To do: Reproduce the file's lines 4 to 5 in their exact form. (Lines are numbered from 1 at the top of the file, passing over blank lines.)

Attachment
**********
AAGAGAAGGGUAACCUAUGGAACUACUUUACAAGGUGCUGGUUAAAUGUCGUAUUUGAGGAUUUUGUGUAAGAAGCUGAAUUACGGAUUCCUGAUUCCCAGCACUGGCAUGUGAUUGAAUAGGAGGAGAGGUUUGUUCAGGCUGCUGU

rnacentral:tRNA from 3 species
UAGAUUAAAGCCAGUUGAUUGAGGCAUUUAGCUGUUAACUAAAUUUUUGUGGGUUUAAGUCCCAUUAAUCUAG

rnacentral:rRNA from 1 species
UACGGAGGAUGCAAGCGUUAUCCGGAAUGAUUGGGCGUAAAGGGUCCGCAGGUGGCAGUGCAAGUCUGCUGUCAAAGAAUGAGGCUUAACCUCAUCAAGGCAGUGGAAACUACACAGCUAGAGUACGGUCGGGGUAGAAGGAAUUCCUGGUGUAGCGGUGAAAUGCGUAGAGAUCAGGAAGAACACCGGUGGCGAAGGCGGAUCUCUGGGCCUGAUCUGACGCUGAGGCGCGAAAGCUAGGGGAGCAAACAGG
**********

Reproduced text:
rnacentral:rRNA from 1 species
UACGGAGGAUGCAAGCGUUAUCCGGAAUGAUUGGGCGUAAAGGGUCCGCAGGUGGCAGUGCAAGUCUGCUGUCAAAGAAUGAGGCUUAACCUCAUCAAGGCAGUGGAAACUACACAGCUAGAGUACGGUCGGGGUAGAAGGAAUUCCUGGUGUAGCGGUGAAAUGCGUAGAGAUCAGGAAGAACACCGGUGGCGAAGGCGGAUCUCUGGGCCUGAUCUGACGCUGAGGCGCGAAAGCUAGGGGAGCAAACAGG